This was my experience, over the course of 3 years, losing complete vision due to hemorrhaging from type 1 diabetes. Luckily, it was never both eyes at the same time.
(Below are the captions for the images from my Imgur post, if you don’t want to click through)
In 2011, I noticed a red line in my vision. When I moved my eye from left to right, I can only describe it as being stuck in traffic behind a beta fish as it flurries its tail.
Concerned, I made an appointment with my eye doctor and was told that I had a leak from diabetic retinopathy. Doctor decided to perform panretinal cryotherapy therapy. This is where he lasers the vessels that are leaking to prevent further blood from getting into the vision. Over time the blood got thicker and bigger, eventually making me completely blind in that eye.
To restore my vision, the doctor decided to perform a vitrectomy. Basically, insertions are made in the eye with a light source and an eye vacuum.
THE NOPE NOPE NOPE
Drill baby drill. (Image: hijacked youtube video)
The doctor does a little housekeeping, vacuuming up all the blood to restore vision. (Image: hijacked youtube video)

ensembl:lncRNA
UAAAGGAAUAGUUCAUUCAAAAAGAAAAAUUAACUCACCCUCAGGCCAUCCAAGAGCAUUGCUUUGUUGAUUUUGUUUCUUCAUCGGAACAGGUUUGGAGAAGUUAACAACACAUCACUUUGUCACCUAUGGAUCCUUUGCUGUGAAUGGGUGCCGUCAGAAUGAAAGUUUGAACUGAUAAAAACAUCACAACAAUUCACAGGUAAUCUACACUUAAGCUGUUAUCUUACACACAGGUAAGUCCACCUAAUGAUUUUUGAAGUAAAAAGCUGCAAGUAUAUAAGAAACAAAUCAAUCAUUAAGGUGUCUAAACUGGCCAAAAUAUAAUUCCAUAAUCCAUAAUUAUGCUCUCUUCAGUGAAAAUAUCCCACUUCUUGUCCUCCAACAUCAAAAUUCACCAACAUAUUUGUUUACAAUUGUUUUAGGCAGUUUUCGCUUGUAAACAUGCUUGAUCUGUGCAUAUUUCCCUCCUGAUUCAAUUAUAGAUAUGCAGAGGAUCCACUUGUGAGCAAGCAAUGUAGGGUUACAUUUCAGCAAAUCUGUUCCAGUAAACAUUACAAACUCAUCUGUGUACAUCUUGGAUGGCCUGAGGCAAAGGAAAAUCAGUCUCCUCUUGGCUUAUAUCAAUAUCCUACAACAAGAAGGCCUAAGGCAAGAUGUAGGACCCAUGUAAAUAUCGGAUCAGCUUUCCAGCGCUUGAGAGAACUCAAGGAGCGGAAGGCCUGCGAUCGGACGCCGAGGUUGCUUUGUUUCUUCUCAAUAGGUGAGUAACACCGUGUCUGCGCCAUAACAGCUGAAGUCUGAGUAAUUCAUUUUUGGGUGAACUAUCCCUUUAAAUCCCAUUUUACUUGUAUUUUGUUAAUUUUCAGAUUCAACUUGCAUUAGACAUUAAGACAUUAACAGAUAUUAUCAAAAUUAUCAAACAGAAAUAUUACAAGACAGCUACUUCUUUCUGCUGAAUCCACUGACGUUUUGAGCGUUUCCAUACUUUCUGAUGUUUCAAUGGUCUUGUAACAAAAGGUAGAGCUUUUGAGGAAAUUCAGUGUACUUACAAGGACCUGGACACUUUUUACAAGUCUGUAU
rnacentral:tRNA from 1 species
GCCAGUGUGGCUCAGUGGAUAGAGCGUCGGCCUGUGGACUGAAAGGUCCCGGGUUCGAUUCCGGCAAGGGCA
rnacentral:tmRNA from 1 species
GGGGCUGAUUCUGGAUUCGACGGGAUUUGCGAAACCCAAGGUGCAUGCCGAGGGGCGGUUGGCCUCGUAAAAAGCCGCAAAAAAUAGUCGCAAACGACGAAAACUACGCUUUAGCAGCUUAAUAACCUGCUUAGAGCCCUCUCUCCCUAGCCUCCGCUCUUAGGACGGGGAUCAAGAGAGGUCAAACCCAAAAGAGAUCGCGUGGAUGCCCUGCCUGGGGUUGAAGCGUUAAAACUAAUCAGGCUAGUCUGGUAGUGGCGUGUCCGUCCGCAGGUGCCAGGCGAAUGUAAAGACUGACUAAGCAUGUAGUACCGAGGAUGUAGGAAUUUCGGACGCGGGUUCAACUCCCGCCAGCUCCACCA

And then you wait. And once you’re done waiting, you wait some more.
In order to heal properly, you’ll spend a lot of nights sleeping face down. Not to the side, straight down. Even with the massage chair a friend lent me, it’s some of the worst sleep you’ll get.
At the end of the surgery, he placed a gas bubble to keep the retina in place while I healed. When your pupil is dilated enough, you can see the bubble move. (Image: hijacked youtube video)
THE SLOW REVEAL
Slowly, over a few months, you’ll see the bubble slowly go down. It keeps its round edge and blocks all vision below the curve. The best way to recreate this is to put a large marble in your eye’s vision and slowly roll it down. (Image: my poor attempt to create a visual representation)
Once the bubble is gone, you become very sensitive to light. It gets a little better over time, but get some sunglasses and wear them everywhere.
THE LIFE AFTER
I went through 5 of these, between both eyes over a 3 year period. Around Christmas 2003 my left eye went blind in 2 hours after another leak. Out of concern for my long term sight, the doctor told me to just let my body absorb it. Took 6 months to be almost normal. After all of this, I have 20/40 vision and only need common reading glasses for small text. I’m sharing all of this to put myself out there. With so few diabetics in my life, sometimes I forget how many diabetics are out there. I’m a 33 year veteran of this disease and have seen almost all of it. It’s scary as shit- but there are answers. There is always hope. Do not let it take anything more away from your life than it already affects. So live, laugh, love- and when it knocks you down, get up and try again. If any of you ever need to talk, or whatever regarding diabetes, message me.